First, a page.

CALGARY, Alberta (Reuters) - Alberta on Friday appointed energy executive David Manning, a former head of Canada’s most powerful oil lobby group, as its envoy to Washington as it looks for a favorable decision from the Obama administration on the long-delayed Keystone XL pipeline project.
Manning is a senior vice-president and head of the energy practice at Vanasse Hangen Brustline Inc, a Boston engineering firm, and a director at consulting firm M.J. Bradley & Associates.
A former deputy energy minister in Alberta, Manning also spent 10 years as an executive vice-president at National Grid Plc’s KeySpan unit. He was also head of the influential Canadian Association of Petroleum Producers from 1995 through 1999, representing Canada’s largest oil and gas producers during the negotiations for the Kyoto Protocol.
Manning’s appointment by Alberta Premier Alison Redford comes as Alberta looks for approval from the U.S. State Department on the TransCanada Corp’s controversial Keystone XL pipeline project, which would take oil sands crudes to gulf coast refineries and ease a shortage of pipeline space.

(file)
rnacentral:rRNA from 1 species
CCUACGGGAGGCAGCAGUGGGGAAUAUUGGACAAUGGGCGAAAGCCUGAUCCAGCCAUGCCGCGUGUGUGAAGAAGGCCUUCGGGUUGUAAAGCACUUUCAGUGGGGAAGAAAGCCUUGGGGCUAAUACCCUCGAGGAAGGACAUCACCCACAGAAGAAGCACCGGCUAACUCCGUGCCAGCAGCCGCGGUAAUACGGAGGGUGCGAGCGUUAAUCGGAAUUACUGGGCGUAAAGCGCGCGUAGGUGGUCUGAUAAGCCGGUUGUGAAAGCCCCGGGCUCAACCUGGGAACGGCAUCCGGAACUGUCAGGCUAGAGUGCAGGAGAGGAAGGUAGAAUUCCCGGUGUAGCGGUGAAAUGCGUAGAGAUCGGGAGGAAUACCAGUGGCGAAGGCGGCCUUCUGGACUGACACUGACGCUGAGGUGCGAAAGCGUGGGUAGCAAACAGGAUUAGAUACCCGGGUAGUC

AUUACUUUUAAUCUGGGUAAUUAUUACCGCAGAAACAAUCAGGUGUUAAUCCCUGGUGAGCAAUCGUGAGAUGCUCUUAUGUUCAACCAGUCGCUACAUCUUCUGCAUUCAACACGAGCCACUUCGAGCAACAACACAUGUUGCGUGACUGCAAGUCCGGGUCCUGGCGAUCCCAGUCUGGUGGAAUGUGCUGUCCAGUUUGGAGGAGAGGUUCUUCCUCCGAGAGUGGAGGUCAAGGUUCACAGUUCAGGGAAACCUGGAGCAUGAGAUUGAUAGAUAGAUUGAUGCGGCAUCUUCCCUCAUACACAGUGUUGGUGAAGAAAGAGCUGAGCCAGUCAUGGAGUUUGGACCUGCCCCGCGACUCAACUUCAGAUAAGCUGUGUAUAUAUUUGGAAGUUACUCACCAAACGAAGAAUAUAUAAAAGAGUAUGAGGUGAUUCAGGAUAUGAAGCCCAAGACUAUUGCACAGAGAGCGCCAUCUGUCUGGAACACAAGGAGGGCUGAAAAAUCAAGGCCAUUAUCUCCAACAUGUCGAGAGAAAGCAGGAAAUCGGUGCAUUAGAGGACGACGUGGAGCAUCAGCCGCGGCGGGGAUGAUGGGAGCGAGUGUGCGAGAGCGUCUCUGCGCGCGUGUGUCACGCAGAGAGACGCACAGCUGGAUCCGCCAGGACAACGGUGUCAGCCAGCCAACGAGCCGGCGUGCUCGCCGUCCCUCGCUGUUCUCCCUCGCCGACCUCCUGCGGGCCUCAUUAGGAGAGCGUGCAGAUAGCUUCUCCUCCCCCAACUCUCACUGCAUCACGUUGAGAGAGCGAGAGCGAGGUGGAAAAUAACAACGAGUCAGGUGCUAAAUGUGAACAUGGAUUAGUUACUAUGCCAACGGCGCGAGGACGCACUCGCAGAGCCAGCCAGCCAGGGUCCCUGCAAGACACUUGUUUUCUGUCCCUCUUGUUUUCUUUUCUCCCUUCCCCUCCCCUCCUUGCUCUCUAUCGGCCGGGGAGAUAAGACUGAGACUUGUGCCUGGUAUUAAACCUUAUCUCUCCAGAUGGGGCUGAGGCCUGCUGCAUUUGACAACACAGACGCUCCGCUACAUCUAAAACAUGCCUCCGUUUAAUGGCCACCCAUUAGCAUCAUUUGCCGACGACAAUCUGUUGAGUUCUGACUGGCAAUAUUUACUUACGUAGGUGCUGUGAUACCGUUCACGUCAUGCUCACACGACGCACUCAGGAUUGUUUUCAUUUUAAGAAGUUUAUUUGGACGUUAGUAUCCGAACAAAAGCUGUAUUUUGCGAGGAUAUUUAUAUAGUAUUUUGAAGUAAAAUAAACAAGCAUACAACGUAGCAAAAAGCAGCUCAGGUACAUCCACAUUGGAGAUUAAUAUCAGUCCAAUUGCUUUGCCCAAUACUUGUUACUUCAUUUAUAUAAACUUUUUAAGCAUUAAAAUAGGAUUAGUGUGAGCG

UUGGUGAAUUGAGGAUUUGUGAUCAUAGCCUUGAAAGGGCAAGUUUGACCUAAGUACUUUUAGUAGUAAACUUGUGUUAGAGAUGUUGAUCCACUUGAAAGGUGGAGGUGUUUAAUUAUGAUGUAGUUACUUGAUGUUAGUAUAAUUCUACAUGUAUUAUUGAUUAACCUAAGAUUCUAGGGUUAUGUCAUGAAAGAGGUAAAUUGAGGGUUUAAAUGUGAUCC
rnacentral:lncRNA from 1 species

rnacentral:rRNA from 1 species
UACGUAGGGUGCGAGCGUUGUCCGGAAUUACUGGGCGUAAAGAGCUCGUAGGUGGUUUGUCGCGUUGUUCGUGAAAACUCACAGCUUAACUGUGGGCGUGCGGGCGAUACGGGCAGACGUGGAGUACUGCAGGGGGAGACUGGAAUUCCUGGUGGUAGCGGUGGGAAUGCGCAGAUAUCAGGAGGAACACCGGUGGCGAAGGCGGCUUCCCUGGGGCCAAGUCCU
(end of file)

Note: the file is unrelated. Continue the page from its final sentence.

“The economic necessity of enhanced market access for Alberta’s products requires real-time information getting to the most influential decision-makers in the U.S., Canada and throughout the world,” Redford said in a statement.
A lack of export pipeline space pushed the price of oil sands crude to more than $40 per barrel below the U.S. West Texas Intermediate benchmark, devastating the finances of the province, which relies on the oil industry for nearly a third of its revenue.
Redford warned last week that Alberta faced a C$6 billion ($6 billion) budget shortfall because of the unexpectedly low oil price.
($1 = 0.9990 Canadian dollars)
Reporting by Scott Haggett; Editing by James Dalgleish